A standard set of outcome measures for the comprehensive assessment of osteogenesis imperfecta

Wouter Nijhuis*, Anton Franken, Kara Ayers, Chantal Damas, Lars Folkestad, Antonella Forlino, Paolo Fraschini, Claire Hill, Guus Janus, Richard Kruse, Lena Lande Wekre, Lieve Michiels, Kathleen Montpetit, Leonardo Panzeri, Valerie Porquet-Bordes, Frank Rauch, Ralph Sakkers, Jean Pierre Salles, Oliver Semler, Jony SunMichael To, Laura Tosi, Yangyang Yao, Eric Hiu Kwong Yeung, Lidiia Zhytnik, Maria Carola Zillikens, Marjolein Verhoef

*Corresponding author for this work

Research output: Contribution to journalArticleAcademicpeer-review

2 Citations (Scopus)

Abstract

Background: Osteogenesis Imperfecta (OI) is a genetic disorder also known as ‘brittle bone disease’. The clinical manifestation of OI shows a wide variation. Therefore, care for patients with OI requires an interdisciplinary approach. The effectiveness of particular interventions and treatment protocols of interdisciplinary teams is not clear due to a non-standardized and wide variation of patient outcomes thus making the comparison of outcome measures available in the literature difficult. It is only by agreeing on a common, standard set of outcome measures for the comprehensive appraisal of OI that comparisons across interdisciplinary treatment centers for OI will be possible in the future. Methods: The Key4OI international interdisciplinary working group of 27 members used a consensus-driven modified Delphi approach to develop a set of global outcome measures for patients with OI. The International Classification of Functioning, Disability and Health (ICF), was used to define domains and organize the outcomes from the literature search. After reviewing the outcomes extracted from the literature, trials and registries, the working group agreed on a final selection of domains and their definition (ICF definition as well as a lay description). These domains were then presented to the focus groups who prioritized the outcome domains by taking into account the items important to the OI community. All content was collected and analyzed and final domains were determined. A consensus of appropriate measuring instruments for each domain was reached with Delphi rounds. The entire approach was in line with the International Consortium for Health Outcomes Measurement ICHOM methodology. Results: More than 400 different outcome measures were identified in our literature search. After three Delphi rounds, 24 domains were selected. After the focus group sessions, the number of domains were reduced to 15. A consensus was reached on the measuring instruments to cover these domains for both children and adults. Conclusion: The Key4OI project resulted in standard set of outcome measures focused on the needs and wishes of individuals with OI and their families. This outcome set will enable healthcare teams and systems to compare and to improve their care pathways and quality of care worldwide. Further studies are needed to evaluate the implementation of this standardized outcome set.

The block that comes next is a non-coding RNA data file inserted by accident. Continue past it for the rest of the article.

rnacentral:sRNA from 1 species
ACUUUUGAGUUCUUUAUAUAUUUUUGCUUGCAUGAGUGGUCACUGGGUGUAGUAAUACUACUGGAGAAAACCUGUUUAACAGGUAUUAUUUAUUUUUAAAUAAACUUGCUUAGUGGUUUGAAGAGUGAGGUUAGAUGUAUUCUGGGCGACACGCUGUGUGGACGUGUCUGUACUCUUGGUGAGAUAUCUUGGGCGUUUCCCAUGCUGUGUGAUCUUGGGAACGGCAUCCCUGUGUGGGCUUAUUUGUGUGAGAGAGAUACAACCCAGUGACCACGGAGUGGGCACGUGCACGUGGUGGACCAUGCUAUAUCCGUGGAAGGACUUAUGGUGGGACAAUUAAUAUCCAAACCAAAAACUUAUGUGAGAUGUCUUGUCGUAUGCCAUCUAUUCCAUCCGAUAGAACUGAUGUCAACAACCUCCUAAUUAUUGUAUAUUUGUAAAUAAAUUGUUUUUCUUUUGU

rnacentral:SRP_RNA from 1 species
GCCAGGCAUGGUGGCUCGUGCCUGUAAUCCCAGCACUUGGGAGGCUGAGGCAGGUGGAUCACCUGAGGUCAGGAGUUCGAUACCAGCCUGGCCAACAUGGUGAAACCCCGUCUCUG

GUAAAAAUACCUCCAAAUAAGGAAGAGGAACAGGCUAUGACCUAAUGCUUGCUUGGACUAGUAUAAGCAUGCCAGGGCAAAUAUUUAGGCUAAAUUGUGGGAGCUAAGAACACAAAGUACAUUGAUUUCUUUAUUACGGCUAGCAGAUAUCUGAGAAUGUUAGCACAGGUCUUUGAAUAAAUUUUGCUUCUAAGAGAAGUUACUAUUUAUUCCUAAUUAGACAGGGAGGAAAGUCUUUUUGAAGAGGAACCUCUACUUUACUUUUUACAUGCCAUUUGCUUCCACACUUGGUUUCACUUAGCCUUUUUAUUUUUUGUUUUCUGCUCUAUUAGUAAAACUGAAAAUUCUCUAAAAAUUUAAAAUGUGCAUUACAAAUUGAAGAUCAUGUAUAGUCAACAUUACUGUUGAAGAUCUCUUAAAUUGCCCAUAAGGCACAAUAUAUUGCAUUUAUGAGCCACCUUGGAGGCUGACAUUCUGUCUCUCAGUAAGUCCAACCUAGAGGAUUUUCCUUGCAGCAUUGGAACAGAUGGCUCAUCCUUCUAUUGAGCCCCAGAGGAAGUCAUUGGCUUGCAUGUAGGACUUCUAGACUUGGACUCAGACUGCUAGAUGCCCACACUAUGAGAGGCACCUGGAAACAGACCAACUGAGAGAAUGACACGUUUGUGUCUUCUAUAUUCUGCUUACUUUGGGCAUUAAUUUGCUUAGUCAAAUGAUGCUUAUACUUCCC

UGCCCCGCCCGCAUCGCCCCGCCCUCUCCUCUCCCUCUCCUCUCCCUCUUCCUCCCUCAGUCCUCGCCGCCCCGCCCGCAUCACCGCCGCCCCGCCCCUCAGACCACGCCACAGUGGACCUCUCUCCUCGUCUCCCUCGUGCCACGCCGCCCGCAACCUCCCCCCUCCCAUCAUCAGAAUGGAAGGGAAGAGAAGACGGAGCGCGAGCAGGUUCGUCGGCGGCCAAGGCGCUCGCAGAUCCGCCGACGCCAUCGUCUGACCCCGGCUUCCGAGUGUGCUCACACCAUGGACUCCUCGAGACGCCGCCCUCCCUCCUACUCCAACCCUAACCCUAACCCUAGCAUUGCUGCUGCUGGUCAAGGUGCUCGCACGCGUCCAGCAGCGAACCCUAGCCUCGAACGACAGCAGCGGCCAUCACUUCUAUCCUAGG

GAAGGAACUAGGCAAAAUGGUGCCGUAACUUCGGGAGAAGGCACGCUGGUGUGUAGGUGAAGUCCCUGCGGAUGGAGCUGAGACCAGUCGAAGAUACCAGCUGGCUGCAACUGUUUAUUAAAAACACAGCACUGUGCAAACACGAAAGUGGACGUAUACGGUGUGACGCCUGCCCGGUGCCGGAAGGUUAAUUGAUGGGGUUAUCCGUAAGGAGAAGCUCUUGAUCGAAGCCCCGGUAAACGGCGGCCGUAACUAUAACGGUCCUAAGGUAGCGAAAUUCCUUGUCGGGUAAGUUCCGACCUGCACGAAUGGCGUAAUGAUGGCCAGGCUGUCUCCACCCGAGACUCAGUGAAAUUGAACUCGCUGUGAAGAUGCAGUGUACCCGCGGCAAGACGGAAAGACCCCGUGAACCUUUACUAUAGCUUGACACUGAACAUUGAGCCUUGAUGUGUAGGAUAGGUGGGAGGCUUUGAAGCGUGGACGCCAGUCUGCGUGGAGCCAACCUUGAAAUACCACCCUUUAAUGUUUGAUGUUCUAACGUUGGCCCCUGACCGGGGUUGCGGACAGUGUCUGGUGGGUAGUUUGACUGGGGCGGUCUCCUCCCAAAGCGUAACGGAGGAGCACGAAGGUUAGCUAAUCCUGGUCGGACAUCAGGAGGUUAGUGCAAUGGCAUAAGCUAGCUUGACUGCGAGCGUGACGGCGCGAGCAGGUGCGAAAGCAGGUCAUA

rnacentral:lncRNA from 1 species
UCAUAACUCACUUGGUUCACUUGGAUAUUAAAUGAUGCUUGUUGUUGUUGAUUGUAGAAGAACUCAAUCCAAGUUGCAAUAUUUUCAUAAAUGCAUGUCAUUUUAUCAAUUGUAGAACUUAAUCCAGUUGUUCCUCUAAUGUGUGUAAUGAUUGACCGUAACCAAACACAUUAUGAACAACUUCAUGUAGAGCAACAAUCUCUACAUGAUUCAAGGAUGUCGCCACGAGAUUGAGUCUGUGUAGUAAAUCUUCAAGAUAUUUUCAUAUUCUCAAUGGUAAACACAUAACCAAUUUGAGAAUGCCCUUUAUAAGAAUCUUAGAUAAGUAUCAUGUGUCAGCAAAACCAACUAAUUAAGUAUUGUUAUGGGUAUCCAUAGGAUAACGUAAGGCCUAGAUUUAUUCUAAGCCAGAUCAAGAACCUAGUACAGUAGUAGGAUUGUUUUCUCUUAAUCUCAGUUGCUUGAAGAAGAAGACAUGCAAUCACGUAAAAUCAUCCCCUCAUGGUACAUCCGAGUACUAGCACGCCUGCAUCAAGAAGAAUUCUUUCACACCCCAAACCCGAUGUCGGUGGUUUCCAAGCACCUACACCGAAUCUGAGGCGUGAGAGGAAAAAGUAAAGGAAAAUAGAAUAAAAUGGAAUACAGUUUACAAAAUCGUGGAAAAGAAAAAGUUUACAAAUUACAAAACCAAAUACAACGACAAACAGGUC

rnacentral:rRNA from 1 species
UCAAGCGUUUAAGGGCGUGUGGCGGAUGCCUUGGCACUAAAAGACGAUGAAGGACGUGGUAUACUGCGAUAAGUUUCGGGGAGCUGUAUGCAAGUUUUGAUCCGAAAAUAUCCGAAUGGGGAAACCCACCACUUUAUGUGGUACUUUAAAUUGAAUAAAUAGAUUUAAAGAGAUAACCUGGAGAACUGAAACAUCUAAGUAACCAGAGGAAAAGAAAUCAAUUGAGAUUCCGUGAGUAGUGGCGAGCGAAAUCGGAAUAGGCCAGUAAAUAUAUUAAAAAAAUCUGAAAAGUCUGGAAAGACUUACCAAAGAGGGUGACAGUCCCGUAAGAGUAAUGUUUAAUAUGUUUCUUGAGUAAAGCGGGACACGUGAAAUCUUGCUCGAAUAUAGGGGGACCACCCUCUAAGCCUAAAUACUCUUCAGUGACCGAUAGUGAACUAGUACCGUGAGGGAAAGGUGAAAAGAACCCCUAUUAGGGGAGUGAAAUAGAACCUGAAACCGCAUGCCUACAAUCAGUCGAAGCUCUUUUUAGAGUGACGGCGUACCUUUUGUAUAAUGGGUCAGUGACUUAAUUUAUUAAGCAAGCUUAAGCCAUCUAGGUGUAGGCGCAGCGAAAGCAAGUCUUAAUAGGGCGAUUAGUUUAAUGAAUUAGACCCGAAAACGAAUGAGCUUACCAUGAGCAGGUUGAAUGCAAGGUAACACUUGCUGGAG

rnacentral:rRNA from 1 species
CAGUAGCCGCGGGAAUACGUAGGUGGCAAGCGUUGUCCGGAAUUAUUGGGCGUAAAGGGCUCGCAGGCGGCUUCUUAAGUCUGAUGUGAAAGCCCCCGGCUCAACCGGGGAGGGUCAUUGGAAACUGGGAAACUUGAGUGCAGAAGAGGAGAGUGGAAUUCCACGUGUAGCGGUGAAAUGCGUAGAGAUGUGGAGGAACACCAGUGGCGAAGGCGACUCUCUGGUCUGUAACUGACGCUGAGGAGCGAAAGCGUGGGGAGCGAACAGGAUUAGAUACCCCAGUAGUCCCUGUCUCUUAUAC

Original languageEnglish
Article number140
JournalOrphanet Journal of Rare Diseases
Volume16
Issue number1
DOIs
Publication statusPublished - 20 Mar 2021

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